Editor’s Note, Dec. 8, 2021: This post has been updated with more accurate fueling figures.
In preparation for launch later this month, ground teams have successfully completed the delicate operation of loading the James Webb Space Telescope with the propellant it will use to steer itself while in space.
In order to make critical course corrections shortly after launch, to maintain its prescribed orbit nearly 1 million miles from Earth, and to repoint the observatory and manage its momentum during operations, Webb was built with a total of 12 rocket thrusters. These rocket thrusters use either hydrazine fuel or a special mixture of hydrazine fuel and dinitrogen tetroxide oxidizer.
To safely handle these extremely toxic propellants, Webb was moved to the fueling section of the Ariane payload preparation facility at Europe’s Spaceport in French Guiana. Specialists wore Self-Contained Atmospheric Protective Ensemble, or “SCAPE,” suits while loading the observatory. The nearly 10-day procedure began Nov. 25.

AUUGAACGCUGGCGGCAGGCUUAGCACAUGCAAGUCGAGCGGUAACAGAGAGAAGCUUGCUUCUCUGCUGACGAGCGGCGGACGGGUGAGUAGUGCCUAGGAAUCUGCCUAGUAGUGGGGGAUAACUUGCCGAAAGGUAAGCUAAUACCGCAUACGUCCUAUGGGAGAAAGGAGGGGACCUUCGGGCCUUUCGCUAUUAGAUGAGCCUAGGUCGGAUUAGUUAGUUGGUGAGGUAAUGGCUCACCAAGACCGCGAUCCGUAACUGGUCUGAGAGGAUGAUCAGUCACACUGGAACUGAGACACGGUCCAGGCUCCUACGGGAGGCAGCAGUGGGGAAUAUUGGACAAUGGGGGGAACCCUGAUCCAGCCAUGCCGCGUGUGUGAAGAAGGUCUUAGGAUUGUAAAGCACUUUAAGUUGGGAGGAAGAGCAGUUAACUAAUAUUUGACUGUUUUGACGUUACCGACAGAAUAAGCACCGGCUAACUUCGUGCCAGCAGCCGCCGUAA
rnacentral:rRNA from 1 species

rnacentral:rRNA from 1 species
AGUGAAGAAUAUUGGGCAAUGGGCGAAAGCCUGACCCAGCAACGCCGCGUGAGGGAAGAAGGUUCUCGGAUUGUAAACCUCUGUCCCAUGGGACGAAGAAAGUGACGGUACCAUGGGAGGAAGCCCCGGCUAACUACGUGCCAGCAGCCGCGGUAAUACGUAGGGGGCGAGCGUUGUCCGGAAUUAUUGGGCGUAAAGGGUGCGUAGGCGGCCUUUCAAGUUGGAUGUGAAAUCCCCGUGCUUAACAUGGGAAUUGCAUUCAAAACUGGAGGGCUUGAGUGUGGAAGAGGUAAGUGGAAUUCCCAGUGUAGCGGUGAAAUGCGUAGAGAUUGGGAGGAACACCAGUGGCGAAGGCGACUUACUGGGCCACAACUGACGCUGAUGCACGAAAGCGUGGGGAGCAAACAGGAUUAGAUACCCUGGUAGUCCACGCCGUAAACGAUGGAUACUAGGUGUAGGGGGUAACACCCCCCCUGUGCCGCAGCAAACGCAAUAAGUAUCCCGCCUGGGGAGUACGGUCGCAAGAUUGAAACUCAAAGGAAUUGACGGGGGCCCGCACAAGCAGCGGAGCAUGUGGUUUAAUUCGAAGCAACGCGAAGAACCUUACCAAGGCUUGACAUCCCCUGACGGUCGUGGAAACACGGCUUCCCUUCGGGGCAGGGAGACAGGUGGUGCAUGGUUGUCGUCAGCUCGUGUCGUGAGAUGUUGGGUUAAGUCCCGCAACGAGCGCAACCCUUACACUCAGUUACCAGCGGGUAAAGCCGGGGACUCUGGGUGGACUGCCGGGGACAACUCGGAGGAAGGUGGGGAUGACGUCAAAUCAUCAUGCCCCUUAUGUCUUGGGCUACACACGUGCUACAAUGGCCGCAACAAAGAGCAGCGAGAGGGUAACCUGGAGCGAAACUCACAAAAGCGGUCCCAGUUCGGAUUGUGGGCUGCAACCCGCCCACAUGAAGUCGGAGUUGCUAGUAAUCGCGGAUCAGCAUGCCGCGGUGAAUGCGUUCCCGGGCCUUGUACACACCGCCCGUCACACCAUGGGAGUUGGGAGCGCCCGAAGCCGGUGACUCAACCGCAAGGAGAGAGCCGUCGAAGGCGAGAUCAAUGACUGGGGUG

Webb’s spacecraft bus, built by Northrop Grumman, was filled with 369 pounds (168 kilograms) of hydrazine fuel and 292 pounds (133 kilograms) of dinitrogen tetroxide oxidizer. Both fuel and oxidizer will be used together to maximize power for the biggest “burns” by Webb’s Secondary Combustion Augmented Thrusters, which are for mid-course corrections and inserting into L2 orbit, as well as for orbit maintenance around L2 during the mission. However, hydrazine alone will be used for the small “burns” by Webb’s tiny precision Monopropellant Reaction Engine thrusters, which are used for large-angle repointing and for managing spacecraft momentum. The fuel loading system was formally disconnected Dec. 3, followed by inspections and closeouts that concluded over the weekend.
Combined operations between the Arianespace and NASA teams preparing Webb and its Ariane 5 rocket are now set to begin. The next large milestones for the joint teams will be to move Webb to the Bâtiment d’Assemblage Final (BAF), or Final Assembly Building; place it atop its rocket; and encapsulate it inside its protective fairing. With final closeouts complete, the full stack of rocket and payload atop its mobile launch platform will be rolled out of the BAF to the launch pad, two days before its scheduled Dec. 22 launch.
By Thaddeus Cesari, Webb science writer, NASA’s Goddard Space Flight Center, Greenbelt, Md.